Last week, I spoke to students at Grosse Pointe South High School in the suburbs of Detroit. This is the same place where Dr. Martin Luther King Jr. delivered his historic speech in March 1968, three weeks before he was assassinated. In his speech that day, King talked about "The Other America" and painted a grim portrait of the economic disparity that separated black America from white America.
Here are some of King's words from that day:
"The struggle today is much more difficult. It's more difficult today because we are struggling now for genuine equality. And it's much easier to integrate a lunch counter than it is to guarantee a livable income and a good solid job. It's much easier to guarantee the right to vote than it is to guarantee the right to live in sanitary, decent housing conditions. It is much easier to integrate a public park than it is to make genuine, quality, integrated education a reality. And so today we are struggling for something which says we demand genuine equality."
A few weeks ago, we marked the 45th anniversary of King's death. Despite his call to action, more than four decades later, there is still a dividing line in America, and it's arguably deeper now than it was then. It's no longer about racism; though some of that undoubtedly still exists, it has largely been confronted and marginalized and is no longer acceptable in American society. But economic inequality has not been addressed and persists to this day. Depending on where you live and how much education you have, Americans increasingly live in two separate worlds.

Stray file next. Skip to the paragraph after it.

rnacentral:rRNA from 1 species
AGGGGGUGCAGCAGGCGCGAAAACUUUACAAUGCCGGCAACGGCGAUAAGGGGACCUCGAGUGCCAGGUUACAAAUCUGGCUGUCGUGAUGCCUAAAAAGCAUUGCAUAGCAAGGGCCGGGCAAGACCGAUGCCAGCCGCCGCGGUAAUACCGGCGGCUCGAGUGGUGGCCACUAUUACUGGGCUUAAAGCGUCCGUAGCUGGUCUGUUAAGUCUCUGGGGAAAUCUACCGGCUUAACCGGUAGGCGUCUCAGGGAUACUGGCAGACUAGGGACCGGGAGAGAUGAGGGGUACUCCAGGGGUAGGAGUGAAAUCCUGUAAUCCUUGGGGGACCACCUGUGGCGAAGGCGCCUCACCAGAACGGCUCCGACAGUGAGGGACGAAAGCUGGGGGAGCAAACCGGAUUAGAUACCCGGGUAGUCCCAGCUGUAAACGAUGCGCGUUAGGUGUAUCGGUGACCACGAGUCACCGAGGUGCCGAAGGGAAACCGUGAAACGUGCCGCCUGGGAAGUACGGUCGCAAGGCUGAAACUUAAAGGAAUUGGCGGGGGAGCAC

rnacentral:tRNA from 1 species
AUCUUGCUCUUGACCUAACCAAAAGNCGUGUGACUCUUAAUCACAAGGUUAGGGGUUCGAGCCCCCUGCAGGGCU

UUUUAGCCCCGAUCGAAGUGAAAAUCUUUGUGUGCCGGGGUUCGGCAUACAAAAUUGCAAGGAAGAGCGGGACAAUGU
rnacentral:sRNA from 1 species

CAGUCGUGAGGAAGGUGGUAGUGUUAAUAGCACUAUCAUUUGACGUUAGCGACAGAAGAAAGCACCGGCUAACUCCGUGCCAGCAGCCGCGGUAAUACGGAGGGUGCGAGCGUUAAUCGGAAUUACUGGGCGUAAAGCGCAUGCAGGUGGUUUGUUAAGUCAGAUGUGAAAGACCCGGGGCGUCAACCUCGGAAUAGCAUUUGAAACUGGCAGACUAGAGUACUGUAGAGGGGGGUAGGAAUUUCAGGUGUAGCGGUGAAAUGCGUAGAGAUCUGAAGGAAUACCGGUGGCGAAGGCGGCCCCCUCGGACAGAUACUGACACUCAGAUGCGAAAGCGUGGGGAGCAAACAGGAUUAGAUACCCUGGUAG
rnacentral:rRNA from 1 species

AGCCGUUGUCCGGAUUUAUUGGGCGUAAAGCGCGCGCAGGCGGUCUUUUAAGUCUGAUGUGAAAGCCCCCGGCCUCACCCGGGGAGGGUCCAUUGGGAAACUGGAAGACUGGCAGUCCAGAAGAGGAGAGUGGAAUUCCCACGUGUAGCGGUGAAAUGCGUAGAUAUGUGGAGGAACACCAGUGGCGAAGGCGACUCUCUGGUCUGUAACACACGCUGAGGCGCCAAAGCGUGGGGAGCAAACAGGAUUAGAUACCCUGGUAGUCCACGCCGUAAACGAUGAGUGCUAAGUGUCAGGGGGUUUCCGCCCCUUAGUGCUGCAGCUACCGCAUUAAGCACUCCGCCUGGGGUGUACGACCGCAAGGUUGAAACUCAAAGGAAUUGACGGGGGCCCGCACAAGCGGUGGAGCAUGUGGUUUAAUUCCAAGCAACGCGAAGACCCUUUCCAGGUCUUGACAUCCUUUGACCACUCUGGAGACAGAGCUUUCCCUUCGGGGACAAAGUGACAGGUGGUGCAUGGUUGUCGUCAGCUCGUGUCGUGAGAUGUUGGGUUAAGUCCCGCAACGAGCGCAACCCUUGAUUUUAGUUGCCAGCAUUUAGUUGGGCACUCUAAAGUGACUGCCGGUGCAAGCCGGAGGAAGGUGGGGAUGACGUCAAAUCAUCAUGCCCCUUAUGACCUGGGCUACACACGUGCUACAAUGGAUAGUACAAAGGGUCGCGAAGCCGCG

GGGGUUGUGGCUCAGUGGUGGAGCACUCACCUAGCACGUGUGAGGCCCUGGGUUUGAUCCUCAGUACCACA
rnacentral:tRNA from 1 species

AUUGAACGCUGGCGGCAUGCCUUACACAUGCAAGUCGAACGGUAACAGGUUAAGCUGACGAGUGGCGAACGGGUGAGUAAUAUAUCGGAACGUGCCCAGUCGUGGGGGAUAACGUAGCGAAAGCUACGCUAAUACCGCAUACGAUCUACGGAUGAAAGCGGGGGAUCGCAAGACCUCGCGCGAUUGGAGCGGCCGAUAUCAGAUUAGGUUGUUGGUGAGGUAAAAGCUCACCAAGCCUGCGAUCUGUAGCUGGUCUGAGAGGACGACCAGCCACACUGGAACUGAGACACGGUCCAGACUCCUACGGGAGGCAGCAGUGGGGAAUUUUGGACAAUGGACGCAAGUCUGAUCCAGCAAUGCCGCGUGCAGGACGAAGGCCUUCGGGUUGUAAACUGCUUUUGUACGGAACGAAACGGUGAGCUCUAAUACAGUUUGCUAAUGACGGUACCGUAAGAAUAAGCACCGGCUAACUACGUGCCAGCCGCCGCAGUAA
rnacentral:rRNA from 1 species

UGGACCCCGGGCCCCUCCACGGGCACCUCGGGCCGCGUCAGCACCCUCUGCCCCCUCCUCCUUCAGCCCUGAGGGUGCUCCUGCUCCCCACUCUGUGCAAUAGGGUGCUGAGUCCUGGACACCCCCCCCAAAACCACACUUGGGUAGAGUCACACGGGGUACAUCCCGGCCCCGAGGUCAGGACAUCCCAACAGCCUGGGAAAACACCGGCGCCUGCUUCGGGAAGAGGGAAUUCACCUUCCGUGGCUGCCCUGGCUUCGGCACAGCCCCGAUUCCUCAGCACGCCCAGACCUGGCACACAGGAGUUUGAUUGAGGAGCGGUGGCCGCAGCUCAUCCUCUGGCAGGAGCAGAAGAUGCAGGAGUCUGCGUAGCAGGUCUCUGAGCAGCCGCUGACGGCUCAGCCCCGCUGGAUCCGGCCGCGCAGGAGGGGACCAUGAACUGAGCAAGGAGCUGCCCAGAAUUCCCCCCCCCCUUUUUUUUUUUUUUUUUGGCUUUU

The prominent sociologist and scholar Charles Murray has studied and written extensively on these two worlds and the growing divergence between them. He describes two fictional towns, one made up of college-educated professionals with very low rates of illegitimacy, crime and unemployment and the other where most have high-school educations and where single-parent homes are common. Though Murray's fictional towns are not far geographically, they are worlds apart in everything else, and the divergence continues. In terms of rates of marriage, single-parent homes, education levels, crime and participation in the workforce, these two towns are on completely different trajectories and creating a great rift in America.
Former Senator Rick Santorum is the author of Blue Collar Conservatives: Recommitting to an America That Works.
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